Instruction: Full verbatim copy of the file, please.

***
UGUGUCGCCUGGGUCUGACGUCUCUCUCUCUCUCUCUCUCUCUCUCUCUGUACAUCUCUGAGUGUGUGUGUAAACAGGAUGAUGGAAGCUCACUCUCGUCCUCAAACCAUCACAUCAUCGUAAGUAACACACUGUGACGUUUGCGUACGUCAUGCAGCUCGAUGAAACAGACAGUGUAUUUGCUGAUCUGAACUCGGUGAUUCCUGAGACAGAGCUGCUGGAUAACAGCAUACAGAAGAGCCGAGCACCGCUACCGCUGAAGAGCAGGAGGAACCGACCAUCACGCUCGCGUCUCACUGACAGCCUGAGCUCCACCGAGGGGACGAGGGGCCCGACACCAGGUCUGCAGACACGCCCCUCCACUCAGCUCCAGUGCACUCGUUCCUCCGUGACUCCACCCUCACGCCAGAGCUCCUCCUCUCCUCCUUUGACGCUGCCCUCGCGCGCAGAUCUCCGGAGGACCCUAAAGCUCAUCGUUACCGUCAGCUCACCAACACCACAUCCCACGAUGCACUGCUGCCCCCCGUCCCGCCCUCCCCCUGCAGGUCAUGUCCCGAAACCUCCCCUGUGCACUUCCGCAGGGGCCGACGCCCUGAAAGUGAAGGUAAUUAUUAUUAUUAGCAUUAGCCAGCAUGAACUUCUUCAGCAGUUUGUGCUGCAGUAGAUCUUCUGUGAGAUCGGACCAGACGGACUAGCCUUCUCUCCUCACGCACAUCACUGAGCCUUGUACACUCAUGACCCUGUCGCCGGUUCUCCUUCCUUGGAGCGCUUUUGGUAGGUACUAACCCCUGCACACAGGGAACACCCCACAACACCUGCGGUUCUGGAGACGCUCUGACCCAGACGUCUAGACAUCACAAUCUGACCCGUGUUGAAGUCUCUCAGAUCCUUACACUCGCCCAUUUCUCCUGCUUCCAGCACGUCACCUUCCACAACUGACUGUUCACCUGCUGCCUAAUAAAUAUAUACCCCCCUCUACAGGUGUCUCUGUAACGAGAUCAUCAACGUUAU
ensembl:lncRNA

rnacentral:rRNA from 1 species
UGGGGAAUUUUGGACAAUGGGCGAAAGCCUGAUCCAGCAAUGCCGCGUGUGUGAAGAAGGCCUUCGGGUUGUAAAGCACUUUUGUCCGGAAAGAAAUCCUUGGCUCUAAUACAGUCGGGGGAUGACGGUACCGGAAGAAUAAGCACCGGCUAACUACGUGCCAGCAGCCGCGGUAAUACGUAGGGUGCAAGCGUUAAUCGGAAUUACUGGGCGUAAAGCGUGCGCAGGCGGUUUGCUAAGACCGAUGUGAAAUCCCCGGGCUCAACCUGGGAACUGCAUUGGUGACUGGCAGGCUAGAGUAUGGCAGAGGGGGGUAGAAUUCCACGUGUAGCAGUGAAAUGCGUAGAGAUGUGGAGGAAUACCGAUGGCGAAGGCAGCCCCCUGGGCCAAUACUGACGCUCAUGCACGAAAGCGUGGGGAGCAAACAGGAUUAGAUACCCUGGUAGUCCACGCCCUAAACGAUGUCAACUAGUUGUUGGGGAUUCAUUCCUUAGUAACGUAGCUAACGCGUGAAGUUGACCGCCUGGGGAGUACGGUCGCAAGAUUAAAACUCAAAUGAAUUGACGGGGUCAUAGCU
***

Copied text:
UGUGUCGCCUGGGUCUGACGUCUCUCUCUCUCUCUCUCUCUCUCUCUCUGUACAUCUCUGAGUGUGUGUGUAAACAGGAUGAUGGAAGCUCACUCUCGUCCUCAAACCAUCACAUCAUCGUAAGUAACACACUGUGACGUUUGCGUACGUCAUGCAGCUCGAUGAAACAGACAGUGUAUUUGCUGAUCUGAACUCGGUGAUUCCUGAGACAGAGCUGCUGGAUAACAGCAUACAGAAGAGCCGAGCACCGCUACCGCUGAAGAGCAGGAGGAACCGACCAUCACGCUCGCGUCUCACUGACAGCCUGAGCUCCACCGAGGGGACGAGGGGCCCGACACCAGGUCUGCAGACACGCCCCUCCACUCAGCUCCAGUGCACUCGUUCCUCCGUGACUCCACCCUCACGCCAGAGCUCCUCCUCUCCUCCUUUGACGCUGCCCUCGCGCGCAGAUCUCCGGAGGACCCUAAAGCUCAUCGUUACCGUCAGCUCACCAACACCACAUCCCACGAUGCACUGCUGCCCCCCGUCCCGCCCUCCCCCUGCAGGUCAUGUCCCGAAACCUCCCCUGUGCACUUCCGCAGGGGCCGACGCCCUGAAAGUGAAGGUAAUUAUUAUUAUUAGCAUUAGCCAGCAUGAACUUCUUCAGCAGUUUGUGCUGCAGUAGAUCUUCUGUGAGAUCGGACCAGACGGACUAGCCUUCUCUCCUCACGCACAUCACUGAGCCUUGUACACUCAUGACCCUGUCGCCGGUUCUCCUUCCUUGGAGCGCUUUUGGUAGGUACUAACCCCUGCACACAGGGAACACCCCACAACACCUGCGGUUCUGGAGACGCUCUGACCCAGACGUCUAGACAUCACAAUCUGACCCGUGUUGAAGUCUCUCAGAUCCUUACACUCGCCCAUUUCUCCUGCUUCCAGCACGUCACCUUCCACAACUGACUGUUCACCUGCUGCCUAAUAAAUAUAUACCCCCCUCUACAGGUGUCUCUGUAACGAGAUCAUCAACGUUAU
ensembl:lncRNA

rnacentral:rRNA from 1 species
UGGGGAAUUUUGGACAAUGGGCGAAAGCCUGAUCCAGCAAUGCCGCGUGUGUGAAGAAGGCCUUCGGGUUGUAAAGCACUUUUGUCCGGAAAGAAAUCCUUGGCUCUAAUACAGUCGGGGGAUGACGGUACCGGAAGAAUAAGCACCGGCUAACUACGUGCCAGCAGCCGCGGUAAUACGUAGGGUGCAAGCGUUAAUCGGAAUUACUGGGCGUAAAGCGUGCGCAGGCGGUUUGCUAAGACCGAUGUGAAAUCCCCGGGCUCAACCUGGGAACUGCAUUGGUGACUGGCAGGCUAGAGUAUGGCAGAGGGGGGUAGAAUUCCACGUGUAGCAGUGAAAUGCGUAGAGAUGUGGAGGAAUACCGAUGGCGAAGGCAGCCCCCUGGGCCAAUACUGACGCUCAUGCACGAAAGCGUGGGGAGCAAACAGGAUUAGAUACCCUGGUAGUCCACGCCCUAAACGAUGUCAACUAGUUGUUGGGGAUUCAUUCCUUAGUAACGUAGCUAACGCGUGAAGUUGACCGCCUGGGGAGUACGGUCGCAAGAUUAAAACUCAAAUGAAUUGACGGGGUCAUAGCU